How To Take Stunning Long Exposure Photos With An iPhone (Or Android)

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Long exposure photography is an interesting technique that can produce some quite stunning, dreamy and surreal effects. With a traditional DSLR camera, extremely slow shutter speeds are used to capture movement over time. However, the iphone or android camera doesn’t offer the same amount of control over shutter speeds that DSLR cameras do, especially for the durations required to take a long exposure photograph. So, for these types of photos, a specialist app is needed.

In this tutorial guide, I’m going to walk you through the process of shooting a long exposure photograph using your iPhone or android camera, and we’ll take a look at some of the equipment needed.

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1. The Equipment

Before you can start shooting a long exposure photograph, you’re going to need a few pieces of equipment.

Firstly, you’ll need a sturdy tripod to mount your iphone onto. This will ensure you’re able to keep the camera perfectly still during the image capture process. Any slight movement of the camera, no matter how minute, will result in a blurry photo.

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Any tripod will do as long as it’s capable of holding the camera perfectly still. You could use a tripod that’s more akin to big camera DSLR photography, or opt for something a lot smaller such as the GorillaPod or the Manfrotto PIXI tripod. While the latter two options offer you a compact and relatively inexpensive solution, going for a more traditional style tripod will give you a much sturdier foundation, particularly in windy conditions.

In order to mount the smartphone onto the tripod, you’re going to need a special mounting bracket which fixes to the tripod and then firmly grips the smartphone. I use the Shoulderpod S1 camera grip which clamps around the smartphone to hold it securely in position. There are many other products out there worth considering, including the GorillaPod, the Glif or the Inmacus universal smartgrip.

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Finally, although not totally necessary, something that can come in handy is a means of releasing the shutter without having to directly touch the smartphone itself. If you’re using an iPhone, then you can use the volume buttons on the Apple headset. Alternatively, you could invest in the Muku Shuttr which is a remote controlled shutter release unit.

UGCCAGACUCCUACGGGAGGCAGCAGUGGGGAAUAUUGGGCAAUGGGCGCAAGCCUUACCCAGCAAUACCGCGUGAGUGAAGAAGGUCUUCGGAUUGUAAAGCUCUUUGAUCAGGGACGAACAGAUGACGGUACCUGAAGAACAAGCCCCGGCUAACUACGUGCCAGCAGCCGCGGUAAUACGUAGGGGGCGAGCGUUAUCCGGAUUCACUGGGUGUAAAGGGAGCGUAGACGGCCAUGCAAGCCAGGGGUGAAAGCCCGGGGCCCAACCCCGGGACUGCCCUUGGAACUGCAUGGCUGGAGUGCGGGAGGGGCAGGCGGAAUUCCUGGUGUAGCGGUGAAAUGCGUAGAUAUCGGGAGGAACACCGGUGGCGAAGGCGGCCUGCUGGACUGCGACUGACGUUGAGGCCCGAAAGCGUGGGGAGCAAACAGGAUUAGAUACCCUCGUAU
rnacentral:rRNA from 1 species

2. Use A Long Exposure App

As I mentioned earlier, the iphone or android camera doesn’t really offer the ability to take photographs with the shutter open for prolonged periods of time. For this reason, you’re going to need a specialist app to give you more control over the exposure time of your photograph. Long exposure apps work by recording and layering multiple exposures on top of each other to create a single image. Everything that’s static in the scene will remain so in the final photo, but anything that moves will take on a blurred or ghostlike effect.

There are several apps available for this in the App Store or on Google Play. The most popular ones on iOS are Slow Shutter, AvgCamPro and LongExpo, and for Android users, Camera FV-5 and Long Exposure 2.

3. Find The Right Location

Next, you need to choose the right location and subject for your long exposure photograph. Landscapes are an obvious choice, especially if they include water such as a lake, a river or waterfall. Shooting scenes that contain a large expanse of water such as a lake or the sea can create some beautifully smooth and ethereal effects, especially if there’s some notable cloud movement in the sky or a static object that will provide a focal point in the composition.


In contrast, shooting a fast flowing river or waterfall will give you the opportunity to capture the power, movement, and energy contained in it.

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Another obvious setting suitable for long exposure photography is night-time or low-light scenes. These will give you the opportunity to capture wonderful light trails from passing vehicles. Or if you want to get creative, you could use a light source such as a torch to paint pictures or write in the air.

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Photo by Dilshad Corleone

4. Taking Your Long Exposure Photograph

It’s now time to take your first long exposure photograph. The first thing to do when arriving at a new location is to decide on the best composition and position to take the photo from. With that composition in mind, you need to set up the tripod, making sure the smartphone is securely positioned and everything is level. Now comes the fun part – the process of shooting the long exposure.

Shooting A Long Exposure On iOS Using Slow Shutter App

Slow Shutter is an iOS app which offers a broad range of options that enable you to control the length and type of long exposure photograph you take.

To use Slow Shutter, firstly fire up the app and go to Settings (the cog icon). This will give you the choice of selecting three shooting modes: motion blur, light trail or low light. Two sliders allow you to adjust the blur strength and shutter speed.


The blur strength will determine how much blur will be applied to the moving parts of the photograph. I would recommend setting this to medium to high.